(Photo source: 20th Century Fox)

Monday, September 19, 2016

AFOS Blog Rewind: Rick and Morty, "The Ricks Must Be Crazy"

The following is a repost of my September 4, 2015 discussion of "The Ricks Must Be Crazy," an episode of Rick and Morty. "The Ricks Must Be Crazy" can be streamed in its entirety on Hulu.

"The Ricks Must Be Crazy" feels like somebody on the Rick and Morty writing staff had a chip on his shoulder about Tron: Legacy, especially the ways it handled its premise of Jeff Bridges creating an entire universe full of sentient life inside a computer, and he didn't care for what he felt was a simplistic screenplay. Tron: Legacy is a good example of both the story serving the visuals rather than vice versa--however, director Joseph Kosinski's style-over-substance approach still couldn't stop me from watching Tron: Legacy in IMAX 3D twice because, holy fuck, that movie looks mesmerizing in IMAX 3D--and those visuals being made to look so sumptuous that they're able to distract the audience from thinking too long about the story's plot holes or unexplained details. Some of the questions that arose from those unexplained details included "How's it possible for Jeff Bridges and his family to enjoy a meal of lechon if fresh meat is impossible to bring into the Grid?" and "Was there a Filipino chef in Jeff Bridges' family whom we never knew about?"

A lot of why "The Ricks Must Be Crazy" is a highlight of Rick and Morty's second season is due to how much fun Justin Roiland, Dan Harmon and credited episode writer Dan Guterman are clearly having over imagining if Jeff Bridges could leave and re-enter the Grid freely instead of being imprisoned there by his evil doppleganger/digital avatar Clu and what would happen if Jeff Bridges craved power as much as Clu does and he turned out to be an even bigger dick than the marginally flawed, almost Fred MacMurray-like Zen inventor dad we saw in Tron: Legacy. "The Ricks Must Be Crazy" reveals that Rick has created an entire infinite universe inside the battery in his space car, and its inhabitants' only purpose in life is to power Rick's car battery. "That's slavery!," counters an appalled Morty when Rick introduces him to what he calls the microverse.

Instead of the more simplistic scenario of a completely evil duplicate of the universe's creator betraying that creator by enacting ethnic cleansing and plotting to rule the world outside the universe's barriers, one of the microverse's inhabitants, a Frank Grimes-ish scientist named Zeep Xanflorp (special guest star Stephen Colbert, whose Colbert Report writing staff happened to include Guterman), refuses to fall for Rick's white savior act like everyone outside the scientific community in the microverse. Zeep is on to some of Rick's deceptions. Those deceptions range from Rick disguising himself as an antennaed alien savior whenever he visits the microverse to Rick telling the microverse's inhabitants that the middle finger is a peaceful greeting.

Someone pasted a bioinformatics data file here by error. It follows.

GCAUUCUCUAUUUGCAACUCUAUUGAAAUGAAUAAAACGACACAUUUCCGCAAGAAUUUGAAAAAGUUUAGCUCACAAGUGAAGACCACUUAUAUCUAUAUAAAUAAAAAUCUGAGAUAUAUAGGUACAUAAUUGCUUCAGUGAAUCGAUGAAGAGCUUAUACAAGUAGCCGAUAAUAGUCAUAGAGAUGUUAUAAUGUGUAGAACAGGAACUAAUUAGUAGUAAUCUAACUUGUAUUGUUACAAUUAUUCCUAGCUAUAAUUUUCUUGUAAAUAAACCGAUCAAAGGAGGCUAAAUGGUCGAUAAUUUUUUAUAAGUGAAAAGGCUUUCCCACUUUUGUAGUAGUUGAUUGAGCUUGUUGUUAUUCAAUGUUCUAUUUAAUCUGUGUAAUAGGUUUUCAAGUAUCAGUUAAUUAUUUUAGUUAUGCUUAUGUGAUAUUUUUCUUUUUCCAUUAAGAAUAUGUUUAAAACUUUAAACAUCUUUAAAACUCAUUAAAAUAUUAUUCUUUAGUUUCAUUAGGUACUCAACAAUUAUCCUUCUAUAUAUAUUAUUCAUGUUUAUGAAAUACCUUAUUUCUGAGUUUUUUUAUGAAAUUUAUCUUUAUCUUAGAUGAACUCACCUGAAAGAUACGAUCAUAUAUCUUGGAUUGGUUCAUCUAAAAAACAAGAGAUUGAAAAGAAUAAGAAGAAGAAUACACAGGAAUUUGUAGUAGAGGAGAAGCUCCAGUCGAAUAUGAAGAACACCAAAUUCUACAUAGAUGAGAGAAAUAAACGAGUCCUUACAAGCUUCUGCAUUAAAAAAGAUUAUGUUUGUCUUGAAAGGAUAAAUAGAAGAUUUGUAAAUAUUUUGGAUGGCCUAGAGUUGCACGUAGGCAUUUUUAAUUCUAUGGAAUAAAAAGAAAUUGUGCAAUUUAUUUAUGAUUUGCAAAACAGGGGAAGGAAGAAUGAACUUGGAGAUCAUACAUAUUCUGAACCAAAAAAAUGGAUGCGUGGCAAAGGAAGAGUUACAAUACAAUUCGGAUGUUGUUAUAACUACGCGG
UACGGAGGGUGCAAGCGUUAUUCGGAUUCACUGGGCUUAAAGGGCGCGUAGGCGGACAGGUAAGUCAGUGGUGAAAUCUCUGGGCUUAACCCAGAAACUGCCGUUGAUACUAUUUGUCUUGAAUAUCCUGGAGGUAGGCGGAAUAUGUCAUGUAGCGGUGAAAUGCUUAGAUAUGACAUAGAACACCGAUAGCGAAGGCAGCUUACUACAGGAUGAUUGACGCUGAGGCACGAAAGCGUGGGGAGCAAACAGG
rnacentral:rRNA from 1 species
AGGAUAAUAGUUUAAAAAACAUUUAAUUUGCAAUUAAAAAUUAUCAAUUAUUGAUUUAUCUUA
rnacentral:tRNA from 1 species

Zeep plans to oust Rick from the microverse and free the microverse from servitude, but Zeep's no saint either: he has secretly created his own infinite miniverse in a box to provide the energy for his microverse and make obsolete the technology Rick brought to Zeep's microverse, and he's exploiting the people in that miniverse just like Rick is doing to the people in the microverse. In fact, one of the leading scientists in the miniverse, Kyle (special guest star Nathan Fielder from Comedy Central's Nathan for You), has also secretly built his own teenyverse in a box and...

Monday, September 12, 2016

I'm trying to put an end to my history of writing a piece of fiction and never finishing it

I'm too busy working on a manuscript for a prose novel right now to post any new material for the AFOS blog. I've discovered that it takes me an entire week to finish writing each chapter in this manuscript. The novel is currently intended to consist of 31 chapters, so if I continue at this one-chapter-a-week pace without ever stopping, I'll be done with the manuscript by the end of February 2017.

That means I have no time to write any new blog posts for the AFOS blog for the rest of the year. I'm so committed to finishing this thing (and then shopping it around) that I don't allow myself to watch a new episode of Mr. Robot until I'm done writing an entire chapter.

"The Pet" was an unfinished Filipino monster story I've mentioned in great detail on this blog. Filipino monster folklore definitely needs more shine, and I was hoping "The Pet" would help out in bringing some more exposure to Filipino monster stories. It's not the first story I've tried to write and ended up failing to finish due to writer's block.

In high school, I wrote an unfinished novel called Jasper, about a Filipino teen who kills a racist bully and runs away. I never was able to reach the killing-the-bully-and-running-away part of the story, which was disappointing because the greatest thing about fiction writing is that you can murder people who are assholes without getting thrown in jail. Despite the novel being unfinished (and also being rather aimless and not very good by my standards today), I allowed its completed chapters to be used as part of the syllabus in a Filipino American lit course one of my older brother's friends presided over at UC Santa Cruz in 1993. It was interesting to later see the Robert Duvall movie The Apostle echo the plot of Jasper with its story of a preacher who kills his wife's lover and escapes to another town to start over and continue with his preaching.

Then I tried to write a screenplay for a time-travel comedy called Timegroove back when I reluctantly worked in the tech industry, but I was never satisfied with the dialogue. Also, the original Life on Mars was doing wonderful things with the "modern-day cop trapped in the '70s" premise, so why fucking bother? Life on Mars was immensely better than much of what I had in mind for Timegroove.